Journal of Sol-Gel Science and Technology

, Volume 81, Issue 1, pp 127–137 | Cite as

Nanostructure-induced icephobic sol–gel coating for glass application

  • M. Qian
  • G. H. Tan
  • Z. Y. Lee
  • C. W. Koh
  • Linda Y. L. WuEmail author
Original Paper: Sol-gel and hybrid materials with surface modification for applications


We present a study on materials formulation, self-assembled surface structure, and the correlation between room temperature water contact angle and contact angle hysteresis (CAH) and the icephobic property at −20 °C. Coating materials are based on TiO2-modified polysiloxane (PDMS) incorporated in the inorganic–organic hybrid (sol–gel) materials with a self-assembled surface structure induced by fluoroalkylsilane (FAS) additive and nanoparticle dispersion. A home-made single-drop ice tester is used to record the ice formation and ice sliding process on the tilted surfaces with adjustable chamber temperatures below 0 °C. It is found that a CAH less than 10°, surface roughness in the range of 10–80 nm, and a two-scale surface structure with nanospikes are the essential features for automatic ice sliding at −20 °C at a tilting angle of 30°. We achieve such features by a proper formulation of sol–gel matrix containing PDMS and 2 % FAS, with incorporation of 0.5–1 wt% alumina nanoparticle dispersion in water/solvent 1:1 ratio. Preferred particle size is about 100 nm with single peak distribution as measured by a Marvin Zetasizer. Surface morphologies of coatings are measured by atomic force microscopy technique. Coatings are applied by an air atomizing spraying process and thermally cured. Chemical analyses by XPS, FTIR, and SEM–EDX evidenced the designed composition with PDMS and fluoro-group on the coated surface. Accelerated weathering test proved the stability of the coating for at least 1000 h.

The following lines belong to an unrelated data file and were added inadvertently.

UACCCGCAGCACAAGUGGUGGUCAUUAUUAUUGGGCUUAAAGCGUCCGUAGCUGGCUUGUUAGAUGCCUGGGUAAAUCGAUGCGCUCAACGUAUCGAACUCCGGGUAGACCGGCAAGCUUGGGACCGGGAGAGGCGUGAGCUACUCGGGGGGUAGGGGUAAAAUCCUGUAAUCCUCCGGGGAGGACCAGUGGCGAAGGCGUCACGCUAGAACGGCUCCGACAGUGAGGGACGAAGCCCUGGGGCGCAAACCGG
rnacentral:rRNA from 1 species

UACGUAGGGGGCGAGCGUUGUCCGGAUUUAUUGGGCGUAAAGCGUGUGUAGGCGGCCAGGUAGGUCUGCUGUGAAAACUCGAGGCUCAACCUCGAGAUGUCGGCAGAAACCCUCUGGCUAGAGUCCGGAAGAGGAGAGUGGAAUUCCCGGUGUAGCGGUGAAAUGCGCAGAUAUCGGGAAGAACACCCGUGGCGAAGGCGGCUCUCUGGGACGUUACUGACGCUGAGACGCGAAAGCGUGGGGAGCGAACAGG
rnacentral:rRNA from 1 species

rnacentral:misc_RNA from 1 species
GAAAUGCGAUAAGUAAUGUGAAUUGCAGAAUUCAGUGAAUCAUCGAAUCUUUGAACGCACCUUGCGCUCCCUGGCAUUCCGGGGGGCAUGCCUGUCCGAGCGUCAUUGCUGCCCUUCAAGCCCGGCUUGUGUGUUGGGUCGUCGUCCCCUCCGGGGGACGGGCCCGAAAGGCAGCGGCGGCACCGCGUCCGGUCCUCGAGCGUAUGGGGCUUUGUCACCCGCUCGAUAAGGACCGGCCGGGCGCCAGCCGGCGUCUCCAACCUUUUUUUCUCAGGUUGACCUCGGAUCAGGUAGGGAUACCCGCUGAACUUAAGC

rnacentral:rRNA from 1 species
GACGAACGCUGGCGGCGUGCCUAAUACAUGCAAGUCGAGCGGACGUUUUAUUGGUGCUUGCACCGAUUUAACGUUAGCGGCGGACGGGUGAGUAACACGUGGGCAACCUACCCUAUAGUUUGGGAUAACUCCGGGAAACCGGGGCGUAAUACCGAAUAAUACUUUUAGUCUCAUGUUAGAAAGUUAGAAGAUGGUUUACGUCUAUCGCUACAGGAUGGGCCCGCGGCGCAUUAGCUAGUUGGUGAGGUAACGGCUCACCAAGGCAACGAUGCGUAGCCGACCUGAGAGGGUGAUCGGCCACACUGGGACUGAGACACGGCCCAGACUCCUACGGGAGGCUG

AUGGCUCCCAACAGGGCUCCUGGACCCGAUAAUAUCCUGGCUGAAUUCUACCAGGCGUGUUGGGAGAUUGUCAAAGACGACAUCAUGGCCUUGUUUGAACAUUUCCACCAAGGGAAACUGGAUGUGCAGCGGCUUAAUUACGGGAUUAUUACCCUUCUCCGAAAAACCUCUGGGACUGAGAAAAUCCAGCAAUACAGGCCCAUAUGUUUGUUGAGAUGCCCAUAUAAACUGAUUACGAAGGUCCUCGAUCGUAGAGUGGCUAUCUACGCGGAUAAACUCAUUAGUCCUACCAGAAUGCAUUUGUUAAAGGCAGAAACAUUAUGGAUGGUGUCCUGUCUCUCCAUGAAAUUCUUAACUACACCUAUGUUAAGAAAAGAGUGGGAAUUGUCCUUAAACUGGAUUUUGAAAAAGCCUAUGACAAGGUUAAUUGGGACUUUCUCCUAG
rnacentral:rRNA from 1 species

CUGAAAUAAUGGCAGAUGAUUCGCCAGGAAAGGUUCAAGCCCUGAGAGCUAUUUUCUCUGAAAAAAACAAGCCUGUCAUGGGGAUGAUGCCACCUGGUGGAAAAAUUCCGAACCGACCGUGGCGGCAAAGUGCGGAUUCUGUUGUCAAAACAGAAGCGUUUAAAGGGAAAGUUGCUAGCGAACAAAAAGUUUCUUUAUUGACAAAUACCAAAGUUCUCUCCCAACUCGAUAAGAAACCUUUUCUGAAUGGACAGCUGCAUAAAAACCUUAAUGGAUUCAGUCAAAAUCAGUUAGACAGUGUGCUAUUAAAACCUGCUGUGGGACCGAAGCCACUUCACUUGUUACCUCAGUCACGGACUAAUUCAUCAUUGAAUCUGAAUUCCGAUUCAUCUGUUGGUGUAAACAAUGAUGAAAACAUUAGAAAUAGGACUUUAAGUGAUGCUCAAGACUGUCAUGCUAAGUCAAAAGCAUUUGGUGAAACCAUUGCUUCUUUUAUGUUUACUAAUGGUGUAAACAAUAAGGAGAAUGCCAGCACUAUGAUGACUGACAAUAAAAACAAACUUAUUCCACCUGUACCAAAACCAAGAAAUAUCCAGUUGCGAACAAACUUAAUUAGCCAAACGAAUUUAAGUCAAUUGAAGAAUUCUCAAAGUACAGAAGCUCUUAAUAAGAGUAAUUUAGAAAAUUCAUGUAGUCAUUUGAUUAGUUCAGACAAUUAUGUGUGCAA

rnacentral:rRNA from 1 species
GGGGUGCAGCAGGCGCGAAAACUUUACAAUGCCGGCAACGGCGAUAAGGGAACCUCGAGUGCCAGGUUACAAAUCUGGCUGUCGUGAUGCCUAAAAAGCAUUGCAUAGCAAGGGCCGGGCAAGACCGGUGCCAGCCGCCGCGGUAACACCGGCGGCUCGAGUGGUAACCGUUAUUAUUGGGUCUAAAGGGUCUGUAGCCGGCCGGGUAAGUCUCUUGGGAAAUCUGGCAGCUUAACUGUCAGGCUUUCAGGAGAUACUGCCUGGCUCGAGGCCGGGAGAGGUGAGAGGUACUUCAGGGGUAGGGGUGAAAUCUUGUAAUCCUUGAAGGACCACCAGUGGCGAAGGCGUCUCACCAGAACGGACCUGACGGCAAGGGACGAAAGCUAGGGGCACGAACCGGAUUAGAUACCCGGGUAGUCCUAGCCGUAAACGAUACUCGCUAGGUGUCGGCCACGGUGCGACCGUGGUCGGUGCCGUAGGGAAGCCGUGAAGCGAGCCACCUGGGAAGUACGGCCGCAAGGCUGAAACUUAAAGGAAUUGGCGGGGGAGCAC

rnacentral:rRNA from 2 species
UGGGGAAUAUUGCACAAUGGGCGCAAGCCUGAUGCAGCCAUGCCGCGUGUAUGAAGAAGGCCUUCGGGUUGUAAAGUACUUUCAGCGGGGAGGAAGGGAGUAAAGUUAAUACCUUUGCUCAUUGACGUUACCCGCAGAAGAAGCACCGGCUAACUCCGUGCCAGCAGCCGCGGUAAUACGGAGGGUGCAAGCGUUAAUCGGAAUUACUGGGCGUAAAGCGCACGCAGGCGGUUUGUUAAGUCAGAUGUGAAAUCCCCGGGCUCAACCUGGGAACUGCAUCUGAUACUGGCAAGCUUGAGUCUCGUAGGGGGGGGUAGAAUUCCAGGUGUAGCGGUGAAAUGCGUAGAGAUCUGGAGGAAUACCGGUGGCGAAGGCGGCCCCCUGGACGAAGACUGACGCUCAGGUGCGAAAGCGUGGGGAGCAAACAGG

Graphical Abstract

Home-made single-drop ice tester (a) and the video-captured image of ice droplets on uncoated glass (b) and icephobic-coated glass during ice sliding down (c) at −20 °C.


Sol–gel Icephobicity Hydrophobicity Alumina Surface roughness 

Supplementary material

Supplementary material 1 (MP4 4728 kb)

Supplementary material 2 (MP4 5408 kb)


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Copyright information

© Springer Science+Business Media New York 2016

Authors and Affiliations

  • M. Qian
    • 1
  • G. H. Tan
    • 1
  • Z. Y. Lee
    • 1
  • C. W. Koh
    • 1
  • Linda Y. L. Wu
    • 1
    Email author
  1. 1.Singapore Institute of Manufacturing TechnologySingaporeSingapore

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